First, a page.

Wednesday, March 29, 2006

'La Raza' is about family values

Perhaps you've asked yourself this question recently:

"Why are there thousands of Mexican teenagers blocking the road to my work?"

The answer is basic: U.S. Congress is considering a new federal law that would make it illegal to be illegal on American soil.

Sounds fair, right? We are a nation of laws. It's what seperates us from other countries, what allows us to celebrate diversity -- because our laws have been shown to be fair and just in spite of our own attempts to undo them.

Think about this: You're 14 and your mother jumped the border so you could be born in America for immediate citizenship. You've never known another life outside of cable TV and relative comfort. Your English is as fluent as any other American teenager, but you speak just enough informal Spanish to get you arrested in Tijuana.

You're safe from this law because you are a citizen, but su madre, su tia, y su hermano are all illegals who are supporting your existence. Under the new law, you're as good as illegal, because your entire support system will be deported as soon as the school system reports you.

Now, I'm not a fool and I still believe in the law. The mother who jumped the border did nothing but flaunt the law with a loophole. While it may not seem fair, it is not unfair to return the 14-year-old American with her illegal families to her country's origin.

It's just not practical. And it's why I support amnesty over mass deportation. I just don't know how to fully justify it knowing what I know: Illegals move here and create generations of legals whose allegiance is to Mexico. I am not at all threatened by Mexican culture, but I want my fellow Americans to be as defensive of our laws, our values, our preservation of life, liberty, and the pursuit of happiness to be as important to the naturalized as well as those who have a birthright.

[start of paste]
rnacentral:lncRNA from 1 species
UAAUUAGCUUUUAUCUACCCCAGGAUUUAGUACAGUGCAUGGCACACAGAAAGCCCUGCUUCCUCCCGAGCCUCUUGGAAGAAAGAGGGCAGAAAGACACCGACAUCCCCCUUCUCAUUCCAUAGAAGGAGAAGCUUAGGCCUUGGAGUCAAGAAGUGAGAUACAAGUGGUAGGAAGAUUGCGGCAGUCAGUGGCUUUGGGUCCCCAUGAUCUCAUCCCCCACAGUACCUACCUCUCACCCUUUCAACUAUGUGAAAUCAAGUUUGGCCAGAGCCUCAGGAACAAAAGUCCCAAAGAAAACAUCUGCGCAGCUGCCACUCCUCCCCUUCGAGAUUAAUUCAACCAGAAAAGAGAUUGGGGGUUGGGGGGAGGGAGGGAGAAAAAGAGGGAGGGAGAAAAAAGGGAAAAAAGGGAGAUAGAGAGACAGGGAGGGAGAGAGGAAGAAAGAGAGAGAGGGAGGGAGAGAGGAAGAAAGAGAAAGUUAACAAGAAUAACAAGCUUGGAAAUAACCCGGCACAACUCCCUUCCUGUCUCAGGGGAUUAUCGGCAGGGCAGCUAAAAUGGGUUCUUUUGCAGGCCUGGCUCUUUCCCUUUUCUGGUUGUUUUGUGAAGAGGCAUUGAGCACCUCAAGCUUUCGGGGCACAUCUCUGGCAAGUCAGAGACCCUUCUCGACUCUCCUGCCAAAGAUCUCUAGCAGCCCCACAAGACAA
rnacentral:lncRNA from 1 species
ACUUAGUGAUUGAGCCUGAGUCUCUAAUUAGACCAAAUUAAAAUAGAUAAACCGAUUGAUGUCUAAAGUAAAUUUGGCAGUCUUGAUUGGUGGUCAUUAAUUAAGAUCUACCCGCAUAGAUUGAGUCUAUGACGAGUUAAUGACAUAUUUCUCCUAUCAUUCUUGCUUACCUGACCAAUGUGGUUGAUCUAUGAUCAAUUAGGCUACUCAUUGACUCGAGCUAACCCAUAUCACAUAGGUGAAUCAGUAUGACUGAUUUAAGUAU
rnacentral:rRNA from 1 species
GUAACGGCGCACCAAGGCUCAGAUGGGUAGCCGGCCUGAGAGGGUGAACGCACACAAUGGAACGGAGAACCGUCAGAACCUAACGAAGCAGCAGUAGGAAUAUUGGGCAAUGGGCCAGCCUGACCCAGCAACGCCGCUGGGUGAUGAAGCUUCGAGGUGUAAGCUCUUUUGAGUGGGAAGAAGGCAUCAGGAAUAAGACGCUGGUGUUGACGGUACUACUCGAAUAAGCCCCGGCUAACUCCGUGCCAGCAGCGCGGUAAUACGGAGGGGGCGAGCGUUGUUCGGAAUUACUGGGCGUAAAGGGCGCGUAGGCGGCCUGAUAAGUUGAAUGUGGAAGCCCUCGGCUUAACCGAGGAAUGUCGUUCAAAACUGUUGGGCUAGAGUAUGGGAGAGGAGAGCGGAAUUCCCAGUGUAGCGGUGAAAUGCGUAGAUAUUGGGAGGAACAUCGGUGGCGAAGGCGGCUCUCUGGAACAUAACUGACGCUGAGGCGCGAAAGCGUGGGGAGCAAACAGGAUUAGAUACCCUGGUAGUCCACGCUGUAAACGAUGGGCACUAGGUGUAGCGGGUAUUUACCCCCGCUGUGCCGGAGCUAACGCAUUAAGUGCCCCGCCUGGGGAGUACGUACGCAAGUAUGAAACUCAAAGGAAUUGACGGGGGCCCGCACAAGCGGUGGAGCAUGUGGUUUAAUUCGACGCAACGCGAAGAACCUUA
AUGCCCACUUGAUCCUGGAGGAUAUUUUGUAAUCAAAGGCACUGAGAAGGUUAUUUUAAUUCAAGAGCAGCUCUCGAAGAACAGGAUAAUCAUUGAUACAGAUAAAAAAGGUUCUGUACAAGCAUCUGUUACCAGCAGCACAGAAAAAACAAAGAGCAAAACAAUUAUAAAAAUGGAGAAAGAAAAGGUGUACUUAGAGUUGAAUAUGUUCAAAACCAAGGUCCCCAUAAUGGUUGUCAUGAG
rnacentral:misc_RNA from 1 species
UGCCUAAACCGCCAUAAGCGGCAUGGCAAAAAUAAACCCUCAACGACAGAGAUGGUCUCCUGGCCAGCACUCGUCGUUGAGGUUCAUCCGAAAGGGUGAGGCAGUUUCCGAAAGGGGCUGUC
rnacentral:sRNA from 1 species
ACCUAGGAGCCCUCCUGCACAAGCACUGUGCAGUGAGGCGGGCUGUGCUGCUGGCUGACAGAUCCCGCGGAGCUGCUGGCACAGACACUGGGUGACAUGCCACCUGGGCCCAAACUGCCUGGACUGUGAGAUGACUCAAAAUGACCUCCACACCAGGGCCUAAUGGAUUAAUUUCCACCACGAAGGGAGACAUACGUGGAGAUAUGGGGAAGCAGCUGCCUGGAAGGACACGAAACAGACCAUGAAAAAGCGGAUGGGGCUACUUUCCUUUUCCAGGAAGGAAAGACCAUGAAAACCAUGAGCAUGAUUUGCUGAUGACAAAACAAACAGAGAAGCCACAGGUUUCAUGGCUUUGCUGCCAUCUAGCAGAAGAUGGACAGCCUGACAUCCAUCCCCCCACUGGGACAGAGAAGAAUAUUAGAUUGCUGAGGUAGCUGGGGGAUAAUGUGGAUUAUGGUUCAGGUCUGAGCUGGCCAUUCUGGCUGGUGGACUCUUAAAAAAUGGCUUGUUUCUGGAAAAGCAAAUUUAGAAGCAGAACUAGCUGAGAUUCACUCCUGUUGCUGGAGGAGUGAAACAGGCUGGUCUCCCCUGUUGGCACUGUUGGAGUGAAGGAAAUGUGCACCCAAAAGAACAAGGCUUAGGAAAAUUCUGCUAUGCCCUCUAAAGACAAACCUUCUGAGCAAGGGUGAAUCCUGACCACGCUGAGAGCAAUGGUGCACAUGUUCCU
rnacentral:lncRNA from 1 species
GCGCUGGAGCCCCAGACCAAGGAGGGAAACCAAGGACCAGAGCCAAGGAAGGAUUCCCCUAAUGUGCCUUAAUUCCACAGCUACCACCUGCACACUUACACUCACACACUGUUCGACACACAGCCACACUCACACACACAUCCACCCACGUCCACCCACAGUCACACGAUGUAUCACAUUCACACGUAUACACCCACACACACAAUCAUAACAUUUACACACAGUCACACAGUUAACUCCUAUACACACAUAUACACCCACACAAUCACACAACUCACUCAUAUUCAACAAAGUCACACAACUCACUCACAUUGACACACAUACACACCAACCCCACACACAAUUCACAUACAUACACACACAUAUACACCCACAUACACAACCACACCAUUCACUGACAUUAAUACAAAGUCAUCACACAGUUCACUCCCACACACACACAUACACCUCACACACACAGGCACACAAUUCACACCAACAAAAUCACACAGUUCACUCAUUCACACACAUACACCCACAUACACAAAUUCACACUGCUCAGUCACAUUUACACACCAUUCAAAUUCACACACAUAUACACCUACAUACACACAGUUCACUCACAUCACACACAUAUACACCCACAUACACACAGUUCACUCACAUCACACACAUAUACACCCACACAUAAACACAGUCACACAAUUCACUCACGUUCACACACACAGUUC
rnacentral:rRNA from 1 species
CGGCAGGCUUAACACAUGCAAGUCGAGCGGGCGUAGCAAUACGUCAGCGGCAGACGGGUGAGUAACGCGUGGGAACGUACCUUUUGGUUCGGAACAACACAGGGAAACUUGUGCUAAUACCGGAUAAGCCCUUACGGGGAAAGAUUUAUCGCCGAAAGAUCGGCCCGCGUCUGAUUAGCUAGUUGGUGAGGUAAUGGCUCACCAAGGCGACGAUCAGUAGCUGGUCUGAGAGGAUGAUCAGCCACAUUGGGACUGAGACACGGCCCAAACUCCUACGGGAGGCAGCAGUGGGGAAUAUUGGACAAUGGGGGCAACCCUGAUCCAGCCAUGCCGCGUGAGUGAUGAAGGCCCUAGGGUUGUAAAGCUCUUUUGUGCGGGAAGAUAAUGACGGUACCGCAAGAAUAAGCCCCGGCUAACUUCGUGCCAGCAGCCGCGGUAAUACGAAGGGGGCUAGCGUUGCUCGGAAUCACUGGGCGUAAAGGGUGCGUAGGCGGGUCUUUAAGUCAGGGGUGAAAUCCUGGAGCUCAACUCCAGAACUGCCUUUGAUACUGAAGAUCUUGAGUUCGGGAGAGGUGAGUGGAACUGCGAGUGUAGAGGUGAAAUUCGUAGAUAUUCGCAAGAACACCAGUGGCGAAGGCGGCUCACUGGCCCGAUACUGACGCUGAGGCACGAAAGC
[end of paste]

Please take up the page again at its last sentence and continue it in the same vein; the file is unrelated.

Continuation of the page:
I covered sports in a farming community in northern California for about 8 mos. The population there is overwhelmingly immigrant farmers, most of them illegal, and their kids were the athletes I spent a lot of time with.

There was one girl, a good athlete, student-body representative, and decent student, whom I had the opportunity to have a lengthy casual conversation with before a game. She wasn't going to college because she was "Mexican, not American." She intended to live here, but felt no obligation to live here legally. In fact, she was rather hostile to the notion of becoming American. Why? I suspect her family was more than hostile of her becoming encultured in this country, though they failed miserably in preventing her from doing that. Where they did succeed was giving her a political philosophy that is in contradiction with her social status and welfare.

I don't know how to make this right. We've failed to properly enforce our citizenship laws for so long, we've created entire subcultures who have a good argument to remain without going through the required citizenship classes to understand why this country is so worthwhile to live here.

Fix it? It's too late to fix it. The best we could do is salvage what's left.

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